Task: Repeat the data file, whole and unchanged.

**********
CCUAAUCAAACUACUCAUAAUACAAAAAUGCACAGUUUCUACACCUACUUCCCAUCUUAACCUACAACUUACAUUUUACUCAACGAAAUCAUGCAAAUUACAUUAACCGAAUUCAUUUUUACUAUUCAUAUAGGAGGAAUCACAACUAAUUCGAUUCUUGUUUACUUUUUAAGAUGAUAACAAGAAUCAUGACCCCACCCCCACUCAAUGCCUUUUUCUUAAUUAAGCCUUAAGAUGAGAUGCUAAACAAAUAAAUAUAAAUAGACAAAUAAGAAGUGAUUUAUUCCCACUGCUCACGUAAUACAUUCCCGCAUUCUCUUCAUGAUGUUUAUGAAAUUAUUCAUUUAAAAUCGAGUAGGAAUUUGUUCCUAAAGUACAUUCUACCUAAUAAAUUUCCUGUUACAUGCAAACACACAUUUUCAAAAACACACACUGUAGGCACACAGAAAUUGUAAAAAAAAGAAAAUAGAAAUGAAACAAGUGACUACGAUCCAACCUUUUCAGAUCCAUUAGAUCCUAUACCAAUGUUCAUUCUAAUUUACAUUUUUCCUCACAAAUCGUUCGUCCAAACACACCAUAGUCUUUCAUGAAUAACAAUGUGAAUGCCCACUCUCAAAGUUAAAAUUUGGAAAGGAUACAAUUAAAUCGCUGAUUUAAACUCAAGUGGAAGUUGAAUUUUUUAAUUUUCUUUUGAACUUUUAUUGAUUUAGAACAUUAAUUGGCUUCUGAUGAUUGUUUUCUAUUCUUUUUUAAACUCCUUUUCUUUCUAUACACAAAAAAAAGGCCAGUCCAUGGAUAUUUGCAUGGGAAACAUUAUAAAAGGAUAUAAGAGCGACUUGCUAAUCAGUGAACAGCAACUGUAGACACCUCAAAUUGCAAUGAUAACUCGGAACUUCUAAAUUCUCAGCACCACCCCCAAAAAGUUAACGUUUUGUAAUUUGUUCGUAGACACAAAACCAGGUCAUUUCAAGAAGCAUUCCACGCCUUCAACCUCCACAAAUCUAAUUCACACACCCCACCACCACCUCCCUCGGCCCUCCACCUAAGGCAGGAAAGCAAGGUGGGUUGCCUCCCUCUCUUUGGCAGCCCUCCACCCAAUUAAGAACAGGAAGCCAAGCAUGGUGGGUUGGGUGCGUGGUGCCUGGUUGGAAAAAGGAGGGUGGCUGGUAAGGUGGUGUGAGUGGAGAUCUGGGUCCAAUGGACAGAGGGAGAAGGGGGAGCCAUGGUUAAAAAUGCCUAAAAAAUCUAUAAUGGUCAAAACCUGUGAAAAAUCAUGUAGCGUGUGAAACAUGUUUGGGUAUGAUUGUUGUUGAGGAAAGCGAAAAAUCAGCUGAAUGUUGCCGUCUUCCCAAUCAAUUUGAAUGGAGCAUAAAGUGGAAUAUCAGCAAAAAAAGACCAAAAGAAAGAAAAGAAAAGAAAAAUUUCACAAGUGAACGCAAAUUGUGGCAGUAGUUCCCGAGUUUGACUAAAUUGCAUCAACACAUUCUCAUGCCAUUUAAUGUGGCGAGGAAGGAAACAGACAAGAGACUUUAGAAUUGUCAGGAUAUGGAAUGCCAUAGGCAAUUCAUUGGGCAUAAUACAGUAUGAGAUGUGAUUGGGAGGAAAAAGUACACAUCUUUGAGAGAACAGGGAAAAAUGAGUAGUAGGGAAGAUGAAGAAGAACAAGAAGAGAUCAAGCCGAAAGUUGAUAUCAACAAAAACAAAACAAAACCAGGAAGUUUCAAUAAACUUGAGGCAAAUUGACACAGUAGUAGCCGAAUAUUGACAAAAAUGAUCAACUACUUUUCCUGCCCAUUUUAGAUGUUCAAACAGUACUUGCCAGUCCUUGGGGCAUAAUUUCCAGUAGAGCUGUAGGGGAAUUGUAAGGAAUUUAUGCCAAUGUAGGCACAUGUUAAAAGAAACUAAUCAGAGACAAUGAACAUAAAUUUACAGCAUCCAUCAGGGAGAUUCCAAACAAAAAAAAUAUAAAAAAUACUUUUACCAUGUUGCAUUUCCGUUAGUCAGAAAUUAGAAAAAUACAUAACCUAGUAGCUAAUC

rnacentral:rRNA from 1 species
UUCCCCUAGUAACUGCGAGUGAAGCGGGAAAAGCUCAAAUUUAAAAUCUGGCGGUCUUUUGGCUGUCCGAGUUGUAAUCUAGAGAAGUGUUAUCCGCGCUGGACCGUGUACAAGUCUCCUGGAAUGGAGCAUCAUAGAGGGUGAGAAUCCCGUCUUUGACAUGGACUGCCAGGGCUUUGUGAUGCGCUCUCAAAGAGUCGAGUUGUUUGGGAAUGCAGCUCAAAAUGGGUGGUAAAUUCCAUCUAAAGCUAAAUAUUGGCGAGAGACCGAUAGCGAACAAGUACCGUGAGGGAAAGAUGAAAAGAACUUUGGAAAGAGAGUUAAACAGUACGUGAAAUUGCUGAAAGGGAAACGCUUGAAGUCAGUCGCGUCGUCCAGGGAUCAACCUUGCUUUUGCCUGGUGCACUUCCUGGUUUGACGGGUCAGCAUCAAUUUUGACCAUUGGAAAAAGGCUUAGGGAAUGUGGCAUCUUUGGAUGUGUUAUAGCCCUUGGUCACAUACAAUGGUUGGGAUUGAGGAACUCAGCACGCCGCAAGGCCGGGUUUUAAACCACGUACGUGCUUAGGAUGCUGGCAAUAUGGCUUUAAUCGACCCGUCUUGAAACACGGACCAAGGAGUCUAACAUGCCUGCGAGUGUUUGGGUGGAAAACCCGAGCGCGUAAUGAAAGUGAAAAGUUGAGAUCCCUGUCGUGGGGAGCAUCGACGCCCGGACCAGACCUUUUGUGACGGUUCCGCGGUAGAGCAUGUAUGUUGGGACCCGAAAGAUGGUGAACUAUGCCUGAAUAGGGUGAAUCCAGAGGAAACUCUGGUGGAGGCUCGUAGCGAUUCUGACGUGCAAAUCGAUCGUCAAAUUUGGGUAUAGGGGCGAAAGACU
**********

CCUAAUCAAACUACUCAUAAUACAAAAAUGCACAGUUUCUACACCUACUUCCCAUCUUAACCUACAACUUACAUUUUACUCAACGAAAUCAUGCAAAUUACAUUAACCGAAUUCAUUUUUACUAUUCAUAUAGGAGGAAUCACAACUAAUUCGAUUCUUGUUUACUUUUUAAGAUGAUAACAAGAAUCAUGACCCCACCCCCACUCAAUGCCUUUUUCUUAAUUAAGCCUUAAGAUGAGAUGCUAAACAAAUAAAUAUAAAUAGACAAAUAAGAAGUGAUUUAUUCCCACUGCUCACGUAAUACAUUCCCGCAUUCUCUUCAUGAUGUUUAUGAAAUUAUUCAUUUAAAAUCGAGUAGGAAUUUGUUCCUAAAGUACAUUCUACCUAAUAAAUUUCCUGUUACAUGCAAACACACAUUUUCAAAAACACACACUGUAGGCACACAGAAAUUGUAAAAAAAAGAAAAUAGAAAUGAAACAAGUGACUACGAUCCAACCUUUUCAGAUCCAUUAGAUCCUAUACCAAUGUUCAUUCUAAUUUACAUUUUUCCUCACAAAUCGUUCGUCCAAACACACCAUAGUCUUUCAUGAAUAACAAUGUGAAUGCCCACUCUCAAAGUUAAAAUUUGGAAAGGAUACAAUUAAAUCGCUGAUUUAAACUCAAGUGGAAGUUGAAUUUUUUAAUUUUCUUUUGAACUUUUAUUGAUUUAGAACAUUAAUUGGCUUCUGAUGAUUGUUUUCUAUUCUUUUUUAAACUCCUUUUCUUUCUAUACACAAAAAAAAGGCCAGUCCAUGGAUAUUUGCAUGGGAAACAUUAUAAAAGGAUAUAAGAGCGACUUGCUAAUCAGUGAACAGCAACUGUAGACACCUCAAAUUGCAAUGAUAACUCGGAACUUCUAAAUUCUCAGCACCACCCCCAAAAAGUUAACGUUUUGUAAUUUGUUCGUAGACACAAAACCAGGUCAUUUCAAGAAGCAUUCCACGCCUUCAACCUCCACAAAUCUAAUUCACACACCCCACCACCACCUCCCUCGGCCCUCCACCUAAGGCAGGAAAGCAAGGUGGGUUGCCUCCCUCUCUUUGGCAGCCCUCCACCCAAUUAAGAACAGGAAGCCAAGCAUGGUGGGUUGGGUGCGUGGUGCCUGGUUGGAAAAAGGAGGGUGGCUGGUAAGGUGGUGUGAGUGGAGAUCUGGGUCCAAUGGACAGAGGGAGAAGGGGGAGCCAUGGUUAAAAAUGCCUAAAAAAUCUAUAAUGGUCAAAACCUGUGAAAAAUCAUGUAGCGUGUGAAACAUGUUUGGGUAUGAUUGUUGUUGAGGAAAGCGAAAAAUCAGCUGAAUGUUGCCGUCUUCCCAAUCAAUUUGAAUGGAGCAUAAAGUGGAAUAUCAGCAAAAAAAGACCAAAAGAAAGAAAAGAAAAGAAAAAUUUCACAAGUGAACGCAAAUUGUGGCAGUAGUUCCCGAGUUUGACUAAAUUGCAUCAACACAUUCUCAUGCCAUUUAAUGUGGCGAGGAAGGAAACAGACAAGAGACUUUAGAAUUGUCAGGAUAUGGAAUGCCAUAGGCAAUUCAUUGGGCAUAAUACAGUAUGAGAUGUGAUUGGGAGGAAAAAGUACACAUCUUUGAGAGAACAGGGAAAAAUGAGUAGUAGGGAAGAUGAAGAAGAACAAGAAGAGAUCAAGCCGAAAGUUGAUAUCAACAAAAACAAAACAAAACCAGGAAGUUUCAAUAAACUUGAGGCAAAUUGACACAGUAGUAGCCGAAUAUUGACAAAAAUGAUCAACUACUUUUCCUGCCCAUUUUAGAUGUUCAAACAGUACUUGCCAGUCCUUGGGGCAUAAUUUCCAGUAGAGCUGUAGGGGAAUUGUAAGGAAUUUAUGCCAAUGUAGGCACAUGUUAAAAGAAACUAAUCAGAGACAAUGAACAUAAAUUUACAGCAUCCAUCAGGGAGAUUCCAAACAAAAAAAAUAUAAAAAAUACUUUUACCAUGUUGCAUUUCCGUUAGUCAGAAAUUAGAAAAAUACAUAACCUAGUAGCUAAUC

rnacentral:rRNA from 1 species
UUCCCCUAGUAACUGCGAGUGAAGCGGGAAAAGCUCAAAUUUAAAAUCUGGCGGUCUUUUGGCUGUCCGAGUUGUAAUCUAGAGAAGUGUUAUCCGCGCUGGACCGUGUACAAGUCUCCUGGAAUGGAGCAUCAUAGAGGGUGAGAAUCCCGUCUUUGACAUGGACUGCCAGGGCUUUGUGAUGCGCUCUCAAAGAGUCGAGUUGUUUGGGAAUGCAGCUCAAAAUGGGUGGUAAAUUCCAUCUAAAGCUAAAUAUUGGCGAGAGACCGAUAGCGAACAAGUACCGUGAGGGAAAGAUGAAAAGAACUUUGGAAAGAGAGUUAAACAGUACGUGAAAUUGCUGAAAGGGAAACGCUUGAAGUCAGUCGCGUCGUCCAGGGAUCAACCUUGCUUUUGCCUGGUGCACUUCCUGGUUUGACGGGUCAGCAUCAAUUUUGACCAUUGGAAAAAGGCUUAGGGAAUGUGGCAUCUUUGGAUGUGUUAUAGCCCUUGGUCACAUACAAUGGUUGGGAUUGAGGAACUCAGCACGCCGCAAGGCCGGGUUUUAAACCACGUACGUGCUUAGGAUGCUGGCAAUAUGGCUUUAAUCGACCCGUCUUGAAACACGGACCAAGGAGUCUAACAUGCCUGCGAGUGUUUGGGUGGAAAACCCGAGCGCGUAAUGAAAGUGAAAAGUUGAGAUCCCUGUCGUGGGGAGCAUCGACGCCCGGACCAGACCUUUUGUGACGGUUCCGCGGUAGAGCAUGUAUGUUGGGACCCGAAAGAUGGUGAACUAUGCCUGAAUAGGGUGAAUCCAGAGGAAACUCUGGUGGAGGCUCGUAGCGAUUCUGACGUGCAAAUCGAUCGUCAAAUUUGGGUAUAGGGGCGAAAGACU